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    Staying Roman: Conquest and Identity in Africa and the Mediterranean, 439-700 (Cambridge Studies in Medieval Life and Thought: Fourth Serie) (Hardback) By (author) Jonathan B. Conant

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    DescriptionWhat did it mean to be Roman once the Roman Empire had collapsed in the West? Staying Roman examines Roman identities in the region of modern Tunisia and Algeria between the fifth-century Vandal conquest and the seventh-century Islamic invasions. Using historical, archaeological and epigraphic evidence, this study argues that the fracturing of the empire's political unity also led to a fracturing of Roman identity along political, cultural and religious lines, as individuals who continued to feel 'Roman' but who were no longer living under imperial rule sought to redefine what it was that connected them to their fellow Romans elsewhere. The resulting definitions of Romanness could overlap, but were not always mutually reinforcing. Significantly, in late antiquity Romanness had a practical value, and could be used in remarkably flexible ways to foster a sense of similarity or difference over space, time and ethnicity, in a wide variety of circumstances.


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  • Full bibliographic data for Staying Roman

    Title
    Staying Roman
    Subtitle
    Conquest and Identity in Africa and the Mediterranean, 439-700
    Authors and contributors
    By (author) Jonathan B. Conant
    Physical properties
    Format: Hardback
    Number of pages: 442
    Width: 158 mm
    Height: 230 mm
    Thickness: 32 mm
    Weight: 839 g
    Language
    English
    ISBN
    ISBN 13: 9780521196970
    ISBN 10: 0521196973
    Classifications

    B&T Book Type: NF
    Nielsen BookScan Product Class 3: T5.2
    BIC E4L: HIS
    BIC subject category V2: HBJD, HBLC, HBLA
    BIC geographical qualifier V2: 1QDAR
    BIC time period qualifier V2: 3F
    BIC subject category V2: HBJH
    B&T Modifier: Region of Publication: 03
    BIC subject category V2: HRCC2
    B&T Modifier: Academic Level: 01
    B&T Modifier: Subject Development: 01
    Libri: I-HP
    BIC geographical qualifier V2: 1HBT, 1HBA
    Ingram Subject Code: HP
    B&T General Subject: 431
    Ingram Theme: CHRN/ANCIEN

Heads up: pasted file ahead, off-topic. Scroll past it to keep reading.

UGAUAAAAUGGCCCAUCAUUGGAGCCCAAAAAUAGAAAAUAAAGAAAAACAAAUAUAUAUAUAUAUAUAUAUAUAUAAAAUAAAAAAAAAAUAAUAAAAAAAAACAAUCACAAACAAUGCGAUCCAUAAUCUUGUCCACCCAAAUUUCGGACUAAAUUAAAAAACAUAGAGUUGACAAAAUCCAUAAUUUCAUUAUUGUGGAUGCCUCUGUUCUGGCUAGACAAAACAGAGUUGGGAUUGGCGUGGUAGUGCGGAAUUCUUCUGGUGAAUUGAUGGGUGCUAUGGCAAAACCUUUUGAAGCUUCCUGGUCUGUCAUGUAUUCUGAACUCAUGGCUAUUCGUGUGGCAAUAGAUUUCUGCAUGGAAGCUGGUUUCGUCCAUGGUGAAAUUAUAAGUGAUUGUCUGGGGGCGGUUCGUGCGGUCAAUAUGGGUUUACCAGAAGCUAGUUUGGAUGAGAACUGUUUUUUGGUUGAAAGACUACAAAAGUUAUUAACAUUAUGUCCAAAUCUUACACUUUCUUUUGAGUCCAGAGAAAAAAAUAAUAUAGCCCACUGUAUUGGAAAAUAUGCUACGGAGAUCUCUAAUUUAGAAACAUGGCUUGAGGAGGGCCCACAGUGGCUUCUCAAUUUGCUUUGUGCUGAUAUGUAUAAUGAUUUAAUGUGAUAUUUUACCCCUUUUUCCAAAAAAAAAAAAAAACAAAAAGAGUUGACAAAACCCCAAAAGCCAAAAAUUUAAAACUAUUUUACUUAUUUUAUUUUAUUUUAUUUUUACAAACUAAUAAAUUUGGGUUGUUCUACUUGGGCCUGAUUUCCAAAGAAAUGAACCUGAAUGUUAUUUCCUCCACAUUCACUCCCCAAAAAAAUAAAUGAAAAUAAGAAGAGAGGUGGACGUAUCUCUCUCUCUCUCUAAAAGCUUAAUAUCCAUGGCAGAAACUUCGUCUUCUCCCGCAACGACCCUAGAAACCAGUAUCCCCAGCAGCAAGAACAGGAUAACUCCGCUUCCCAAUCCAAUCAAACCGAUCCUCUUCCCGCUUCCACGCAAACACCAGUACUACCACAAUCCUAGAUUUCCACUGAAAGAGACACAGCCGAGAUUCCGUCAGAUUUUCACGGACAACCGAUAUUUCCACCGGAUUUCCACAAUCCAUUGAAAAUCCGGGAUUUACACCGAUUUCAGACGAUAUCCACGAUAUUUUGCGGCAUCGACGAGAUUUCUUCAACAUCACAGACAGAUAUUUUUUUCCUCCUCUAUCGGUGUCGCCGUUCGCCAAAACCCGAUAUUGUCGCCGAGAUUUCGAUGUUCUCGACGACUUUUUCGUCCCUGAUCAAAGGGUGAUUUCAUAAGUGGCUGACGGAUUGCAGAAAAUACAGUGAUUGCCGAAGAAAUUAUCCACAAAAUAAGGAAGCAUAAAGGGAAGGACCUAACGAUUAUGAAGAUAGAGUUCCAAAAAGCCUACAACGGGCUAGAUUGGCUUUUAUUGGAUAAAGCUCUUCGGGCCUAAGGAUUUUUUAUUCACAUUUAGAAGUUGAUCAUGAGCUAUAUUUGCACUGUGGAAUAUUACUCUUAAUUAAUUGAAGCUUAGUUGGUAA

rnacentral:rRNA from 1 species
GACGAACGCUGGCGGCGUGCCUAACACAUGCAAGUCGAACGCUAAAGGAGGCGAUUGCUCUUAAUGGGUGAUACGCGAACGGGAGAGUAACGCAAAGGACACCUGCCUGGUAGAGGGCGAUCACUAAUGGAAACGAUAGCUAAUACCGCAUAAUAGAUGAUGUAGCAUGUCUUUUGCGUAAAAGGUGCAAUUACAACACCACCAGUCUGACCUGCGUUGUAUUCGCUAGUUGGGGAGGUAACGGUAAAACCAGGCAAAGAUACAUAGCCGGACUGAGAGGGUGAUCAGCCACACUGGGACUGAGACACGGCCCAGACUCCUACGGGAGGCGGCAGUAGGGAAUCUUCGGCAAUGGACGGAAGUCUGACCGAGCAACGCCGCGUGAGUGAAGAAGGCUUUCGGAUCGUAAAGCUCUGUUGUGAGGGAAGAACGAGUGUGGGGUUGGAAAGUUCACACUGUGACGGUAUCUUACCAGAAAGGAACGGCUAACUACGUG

B&T Modifier: Continuations: 02
    Warengruppen-Systematik des deutschen Buchhandels: 15540
    BISAC V2.8: HIS010000
    B&T Modifier: Geographic Designator: 07
    B&T Merchandise Category: UP
    BISAC V2.8: HIS002000
    LC subject heading:
    BIC subject category V2: 3F, 1QDAR, 1HBT, 1HBA
    LC subject heading: , , , , ,
    DC23: 939.704
    DC22: 939.704
    LC subject heading: ,
    DC22: 939/.704
    LC classification: DT170 .C65 2012
    LC subject heading:
    Ingram Theme: INDS/MEDIVL
    BISAC region code: 3.1.0.0.0.0.0
    Thema V1.0: NHHA
    Edition statement
    New ed.
    Illustrations note
    5 b/w illus. 5 maps 29 tables
    Publisher
    CAMBRIDGE UNIVERSITY PRESS
    Imprint name
    CAMBRIDGE UNIVERSITY PRESS
    Publication date
    28 May 2012
    Publication City/Country
    Cambridge
    Author Information
    Jonathan Conant is Assistant Professor of History at the University of San Diego, where his teaching and research focus is on the ancient and medieval Mediterranean.
    Review quote
    'Staying Roman is not only intellectually stimulating and an important contribution to the field of study of Late Antique North Africa, it is noticeably well founded and at the same time a pleasure to read.' Ralf Bockmann, The Medieval Review
    Table of contents
    Introduction; 1. The legitimation of Vandal power; 2. Flight and communications; 3. The old ruling class under the Vandals; 4. New Rome, new Romans; 5. The Moorish alternative; 6. The dilemma of dissent; Aftermath; Conclusions.